Life has changed a lot, mostly for the better, and all in a way that I would not have been able to fathom. Being recognized and complimented by professional entertainers is so surreal, and being asked to take pictures on the street by fans is very flattering. Just taking five seconds to take a picture and make someone happy is such an amazing power to have, I truly enjoy knowing that I just helped put a smile on someone's face. Also, the messages of encouragement and support I receive on a daily basis are so uplifting, and knowing that what I do motivates others in a positive way to enhance their own lives, makes all the hard work worth it. I chose to take on this opportunity in order to gain a unique experience that most people don't get a chance to do, and thus far, the ride has been a blast!
What makes a successful reality star?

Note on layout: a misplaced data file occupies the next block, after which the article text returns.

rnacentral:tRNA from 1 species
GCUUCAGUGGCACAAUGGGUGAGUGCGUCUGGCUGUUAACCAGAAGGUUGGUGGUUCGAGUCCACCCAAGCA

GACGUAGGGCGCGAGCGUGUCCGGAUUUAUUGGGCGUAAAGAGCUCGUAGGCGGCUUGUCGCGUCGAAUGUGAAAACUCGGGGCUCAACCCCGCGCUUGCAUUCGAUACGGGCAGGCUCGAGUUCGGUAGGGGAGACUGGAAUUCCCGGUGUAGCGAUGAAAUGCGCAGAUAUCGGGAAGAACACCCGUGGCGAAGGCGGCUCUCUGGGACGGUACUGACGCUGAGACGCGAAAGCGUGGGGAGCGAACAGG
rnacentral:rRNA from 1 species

Being a successful reality star is all about being opinionated and not shying away from sharing that opinion, regardless of the consequence. It' not necessarily about fighting or acting over the top wild, in my opinion; it's more about engaging and being sure to communicate what's on your mind in a raw, uncensored way. These shows are a collection of different personalities, and the goal of the reality show, is to provide the spectrum of personalities so, that all viewers can relate to at least one opinion that's being shared. It's important to remain yourself, keep it as real as possible, and just put all your cards on the table. I was once told that to be a successful reality star you have to let the camera see into your "private medicine cabinet," and show your true self, vulnerabilities and all.